First time aired on American televisions in October 2016, Insecure (2016-2021) has totally changed my perception of representation and inclusion in actual TV productions. I wanted to celebrate the end of the show with this article that feels closer to a letter.
So, it’s been more than a week since I have finished Insecure and I’m still processing the long journey of being a viewer and especially a French black girl viewer of the show. I started watching Insecure at 19. I’m now 24 almost 25. Was I too grown or maybe too young to watch the show ? One thing is for sure, Insecure just like Mr. Robot (2015-2019), has influenced my desire to be seen through the screen with beauty, sensibility and style (it’s good don’t you think). From L.A. to Paris or London, Insecure is a fresh reminder that it is possible to articulate and tell our stories, us black women and citizens’ stories. I know that Issa Rae’s show is not revolutionary or the first of its kind but it was to me, a big teenager from the middle class, in her suburban apartment close to Paris. As a French woman, I grew up without any black icons especially women on screen except for Joséphine Baker or Césaria Evora, who are to me amazing but past icons and implicitly linked to France. Today a lot has changed but not on French television, where apparently the change is not really happening. So I, like many, turned to British and American shows to find a part of me on the screens.
I had to search for a show that could do that for me, with simplicity and no frills. And I feel so privileged to have known Insecure at this young age. The show doesn’t navigate between fantasy worlds or talk about AI issues. It tends to reflect with realism, humor and kindness the lives of four young black women with different ethnic and socio-economical backgrounds, just trying to make it in the big city of L.A. From their mid 20’s to their early 30’s at the end of the show, we are seeing those four women Issa the main character, Molly, Kelli and Tiffany, face adult life’s difficulties like being financially, physically or mentally stable. From racism, gentrification to death and friendship, all kinds of hardships are brought up. All the aspects of what constitute the social scales of being a young adult in our current world. Like them, I have learned, changed through the seasons intellectually, humanly and professionally and even on the love scale. Like a reflection of my life, Insecure was this fictional balance which allowed me and thousands of women, black or not, to experience during those five years, the opportunity of being seen. Without too artificial or negative tales. Insecure has also challenged the representation of black men on screen. From Mental illnesses or fatherhood failures or interrogations, the show has allowed to present a variety of opinionated black men and individuals, which is far closer to reality.
The development of each character on the show is incredible and well articulated. As Issa is also the producer and creator of the show, Insecure detains a kind and honest energy of truthfulness and realness. Seeing her growing and changing through the seasons was refreshing, sometimes hard but it always felt right. Her love stories and their issues especially with Lawrence were great examples of today expectations in couples : doubts, egos tribulations and the importance of social media that can not be left apart of our today relationships. Same with Molly who was maybe my favorite character. Molly has suffered a lot, especially in her love life and I saw her evolve into this brave and strong woman with more self-esteem. Another personage that should be talked about : Kelli. I was afraid of Kelli‘s evolution in the show, as she was depicted in the first seasons as « the strong and funny black girl friend », which is stereotypically linked to boldness, a bottomless happiness and humor but foremost, the friend that never suffers and nobody is really concerned about her issues and inner insecurities. Kelli was a reminder that tropes and stereotypes can be broken, giving to the show this universality and progressiveness which cinema and tv productions often lack. And Tiffany which her postpartum depression which was the first one I saw on screen, has shaken my vision of motherhood and womanhood. We are not perfect, we don’t have to always be strong and foremost, communication often free ourselves from so many complications.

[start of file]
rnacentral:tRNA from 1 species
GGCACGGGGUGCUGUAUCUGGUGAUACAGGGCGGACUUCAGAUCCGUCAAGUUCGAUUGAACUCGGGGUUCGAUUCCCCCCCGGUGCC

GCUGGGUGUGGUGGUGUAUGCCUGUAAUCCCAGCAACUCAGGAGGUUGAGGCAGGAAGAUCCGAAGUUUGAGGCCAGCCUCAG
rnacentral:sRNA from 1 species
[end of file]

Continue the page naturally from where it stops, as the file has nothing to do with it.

I would like to conclude by saying that Insecure was my personal television revolution. It has surpassed many barriers in place for decades. Even if I grew up with Sister, Sister (1994-1999) or That’s So Raven (2003-2007), I believe that each generation deserves at least one cultural visual point of change and convergence and maybe Insecure has incarnated this change. The end was simple but it was still a valuable and poetic way to tell us the viewers that the characters will be okay and so will we. Despite all life dramas and deceptions, we have to stand up, face our realities, ideas and nightmares and go beyond what we think can be accessible, as black women, girls and human beings.
Thank you Issa for your ideas, your creativity, your craziness and for never stopping to believe in yourself and your projects. Your message has been heard loud and clear and will not be tarnished and erased. It is just the beginning.